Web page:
(PDF emailed within 0-6 h: $19.90)

Accession: 059644807

Download citation: RISBibTeXText

PMID: 28085732

DOI: 10.11124/JBISRIR-2016-003234


Related references

The effectiveness of probiotics in reducing the incidence of Clostridium difficile associated diarrhea in elderly patients: a systematic review protocol. Jbi Database of Systematic Reviews and Implementation Reports 13(8): 79-91, 2016

Probiotics for the prevention of antibiotic-associated diarrhea and Clostridium difficile infection among hospitalized patients systematic review and meta-analysis. 2013

Probiotics for the prevention of antibiotic-associated diarrhea and Clostridium difficile infection among hospitalized patients: systematic review and meta-analysis. Open Medicine 7(2): E56-E67, 2014

Probiotics for the prevention of Clostridium difficile-associated diarrhea: a systematic review and meta-analysis. Annals of Internal Medicine 157(12): 878-888, 2013

Probiotics are effective at preventing Clostridium difficile-associated diarrhea: a systematic review and meta-analysis. International Journal of General Medicine 9(): 27-37, 2016

Lactobacillus probiotics in the prevention of diarrhea associated with Clostridium difficile: a systematic review and Bayesian hierarchical meta-analysis. Cmaj Open 4(4): E706-E718, 2016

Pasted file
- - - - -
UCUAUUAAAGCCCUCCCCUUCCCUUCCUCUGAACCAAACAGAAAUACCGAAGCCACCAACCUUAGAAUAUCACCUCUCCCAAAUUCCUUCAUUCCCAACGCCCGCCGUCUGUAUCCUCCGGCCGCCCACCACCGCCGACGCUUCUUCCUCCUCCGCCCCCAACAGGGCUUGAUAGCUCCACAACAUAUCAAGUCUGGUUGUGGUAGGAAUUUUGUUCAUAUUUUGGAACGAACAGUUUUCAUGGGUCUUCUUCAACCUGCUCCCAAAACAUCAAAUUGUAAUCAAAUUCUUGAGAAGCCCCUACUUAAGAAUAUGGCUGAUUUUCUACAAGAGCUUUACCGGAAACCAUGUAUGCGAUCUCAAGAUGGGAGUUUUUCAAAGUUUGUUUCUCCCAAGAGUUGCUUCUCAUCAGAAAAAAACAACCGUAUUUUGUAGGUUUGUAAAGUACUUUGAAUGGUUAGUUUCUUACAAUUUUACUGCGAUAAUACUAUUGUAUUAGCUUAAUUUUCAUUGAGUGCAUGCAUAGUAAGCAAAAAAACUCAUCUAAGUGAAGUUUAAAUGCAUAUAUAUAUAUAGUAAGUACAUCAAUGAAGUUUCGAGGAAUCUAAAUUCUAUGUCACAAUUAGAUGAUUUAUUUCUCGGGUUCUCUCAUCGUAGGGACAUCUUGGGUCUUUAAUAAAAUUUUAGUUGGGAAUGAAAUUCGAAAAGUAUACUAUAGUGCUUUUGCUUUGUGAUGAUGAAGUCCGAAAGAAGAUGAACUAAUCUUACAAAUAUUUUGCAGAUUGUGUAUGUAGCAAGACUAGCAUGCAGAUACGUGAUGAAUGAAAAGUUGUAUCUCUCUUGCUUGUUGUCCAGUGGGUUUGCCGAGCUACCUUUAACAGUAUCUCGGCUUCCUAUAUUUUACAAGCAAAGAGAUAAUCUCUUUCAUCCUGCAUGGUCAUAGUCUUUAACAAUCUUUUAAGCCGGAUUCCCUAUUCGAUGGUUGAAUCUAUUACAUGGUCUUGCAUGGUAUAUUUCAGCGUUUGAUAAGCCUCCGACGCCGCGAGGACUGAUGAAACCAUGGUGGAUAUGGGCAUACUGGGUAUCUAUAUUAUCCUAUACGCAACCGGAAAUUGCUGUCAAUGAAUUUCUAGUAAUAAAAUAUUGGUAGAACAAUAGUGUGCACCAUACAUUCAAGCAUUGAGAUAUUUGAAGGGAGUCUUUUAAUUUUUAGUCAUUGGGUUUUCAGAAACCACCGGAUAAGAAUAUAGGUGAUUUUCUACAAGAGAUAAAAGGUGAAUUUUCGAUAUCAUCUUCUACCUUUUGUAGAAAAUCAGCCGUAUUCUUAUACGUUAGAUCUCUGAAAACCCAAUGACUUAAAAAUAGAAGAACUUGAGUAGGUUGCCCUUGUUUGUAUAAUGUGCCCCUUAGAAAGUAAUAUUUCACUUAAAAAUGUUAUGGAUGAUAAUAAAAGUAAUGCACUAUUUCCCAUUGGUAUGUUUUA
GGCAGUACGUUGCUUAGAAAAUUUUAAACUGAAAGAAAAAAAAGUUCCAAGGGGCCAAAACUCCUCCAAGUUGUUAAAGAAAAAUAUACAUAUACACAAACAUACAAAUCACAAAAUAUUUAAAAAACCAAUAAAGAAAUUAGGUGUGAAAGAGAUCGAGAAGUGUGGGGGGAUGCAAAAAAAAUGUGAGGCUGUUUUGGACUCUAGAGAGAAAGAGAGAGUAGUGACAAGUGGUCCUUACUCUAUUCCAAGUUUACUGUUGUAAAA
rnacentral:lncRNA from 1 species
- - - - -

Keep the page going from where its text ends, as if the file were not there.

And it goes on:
Reducing Clostridium difficile in the Inpatient Setting: A Systematic Review of the Adherence to and Effectiveness of C. difficile Prevention Bundles. Infection Control and Hospital Epidemiology 38(6): 639-650, 2017

ACP Journal Club. Review: probiotics reduce Clostridium difficile-associated diarrhea in patients receiving antibiotics. Annals of Internal Medicine 158(10): Jc10-Jc10, 2013

Role of probiotics in antibiotic-associated diarrhea, Clostridium difficile-associated diarrhea, and recurrent Clostridium difficile-associated diarrhea. Journal of Clinical Gastroenterology 42 Suppl 2: S64-S70, 2008

Cost-Effectiveness Analysis of the Use of Probiotics for the Prevention of Clostridium difficile-Associated Diarrhea in a Provincial Healthcare System. Infection Control and Hospital Epidemiology 37(9): 1079-1086, 2016

Evidence-based review of probiotics for antibiotic-associated diarrhea and Clostridium difficile infections. Anaerobe 15(6): 274-280, 2010

Review: probiotics are effective for prevention of antibiotic-associated diarrhea and treatment of Clostridium difficile disease. Acp Journal Club 145(2): 46-46, 2006

Clostridium difficile infection in hospitalized patients with antibiotic-associated diarrhea: A systematic review and meta-analysis. Anaerobe: -, 2018

The use of probiotics in the prevention and treatment of antibiotic-associated diarrhea with special interest in Clostridium difficile-associated diarrhea. Nutrition in Clinical Practice 24(1): 33-40, 2009

Probiotics for the prevention of antibiotic-associated diarrhea and Clostridium difficile diarrhea. Journal of Clinical Gastroenterology 40(3): 249-255, 2006